The president of the Communications Workers of America (CWA) labour union group has asked the European Commission to “help make history” by approving the proposed Microsoft-Activision Blizzard merger.
The request was made by CWA president Christopher Shelton in an email to the European Commission’s executive vice president Margrethe Vestager. As reported by GI.biz, the two page statement was released earlier this week to coincide with a closed meeting held in Brussels between Microsoft and the European Commission, which is currently investigating the merger over anti-competition concerns.
The CWA had voiced concerns previously that the merger could further aggravate the power imbalance between Activision Blizzard workers and management, which in turn could have led to “lower wages and less bargaining power over working conditions”.
Microsoft subsequently held talks with the CWA, which resulted in a labour neutrality agreement designed to ensure Activision Blizzard employees “a clear path to collective bargaining if the merger is completed”.
“The European Commission has an opportunity in this case to take seriously the impact of a major transaction on the video game labour market,” said Shelton.
“Given the clear pathway to enforceable behavioural remedies for potential consumer harms articulated by the European Commission and other regulators, we hope you will approve this merger and help make history in rebalancing power in labour markets.”
The CWA has been assisting Activision Blizzard workers to establish unions in order to improve working conditions and accountability since 2021, though it said in the letter that large tech corporations are often “hostile to collective bargaining and workplace protections”.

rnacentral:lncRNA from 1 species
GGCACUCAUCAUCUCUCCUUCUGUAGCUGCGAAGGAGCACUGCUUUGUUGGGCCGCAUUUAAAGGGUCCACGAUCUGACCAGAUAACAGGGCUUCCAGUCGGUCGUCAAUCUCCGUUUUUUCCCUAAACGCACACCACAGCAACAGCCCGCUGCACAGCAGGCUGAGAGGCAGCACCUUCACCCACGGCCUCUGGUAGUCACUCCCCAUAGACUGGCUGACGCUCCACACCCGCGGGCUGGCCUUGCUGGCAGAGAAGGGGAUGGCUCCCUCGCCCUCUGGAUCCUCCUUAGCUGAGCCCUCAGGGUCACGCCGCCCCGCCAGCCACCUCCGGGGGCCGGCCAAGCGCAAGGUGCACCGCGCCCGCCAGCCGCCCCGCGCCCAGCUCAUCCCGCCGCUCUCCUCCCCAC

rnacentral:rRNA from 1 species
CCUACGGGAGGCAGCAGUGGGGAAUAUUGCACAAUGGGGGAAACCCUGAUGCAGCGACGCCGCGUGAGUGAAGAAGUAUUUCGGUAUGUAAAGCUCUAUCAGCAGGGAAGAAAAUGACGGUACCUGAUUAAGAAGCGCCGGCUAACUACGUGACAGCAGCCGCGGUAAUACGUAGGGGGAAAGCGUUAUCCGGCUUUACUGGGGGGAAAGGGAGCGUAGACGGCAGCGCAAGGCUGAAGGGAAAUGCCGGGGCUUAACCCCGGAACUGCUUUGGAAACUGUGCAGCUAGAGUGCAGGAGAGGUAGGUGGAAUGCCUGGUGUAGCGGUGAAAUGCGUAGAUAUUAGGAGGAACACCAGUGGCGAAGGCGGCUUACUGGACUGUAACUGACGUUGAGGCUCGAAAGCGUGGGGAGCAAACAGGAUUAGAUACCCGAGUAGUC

The CWA was instrumental in helping a number of QA workers at Raven Software establish the Game Workers Alliance, which was the first ever union to successfully form at a North American AAA gaming company. Xbox head Phil Spencer has since stated that the union would continue to be recognised following the merger’s completion.
Activision Blizzard has been the subject of controversy in recent years after allegations were made that the company’s “frat boy” culture had fostered and allowed workplace misconduct, sexual discrimination, worker abuse, and union busting activities.
It has since been the subject of numerous protests, walkouts, and lawsuits from employees and government bodies alike. Most recently, in February, the U.S. Securities and Exchange Commission charged the company $35 million for “failing to maintain disclosure controls related to complaints of workplace misconduct and violating whistle-blower protection rule”.
Microsoft president Brad Smith has previously stated that the company would put “the right people in the right position” at Activision Blizzard once the deal went through, and that he wished to see the company’s much criticised culture “evolve”. However, as it stands, there is no clear indication as to what that will mean for existing management — including controversial CEO Bobby Kotick — should the deal go through.
Anthony is a freelance contributor covering science and video gaming news for . He has over eight years experience of covering breaking developments in multiple scientific fields and absolutely no time for your shenanigans. Follow him on Twitter @BeardConGamer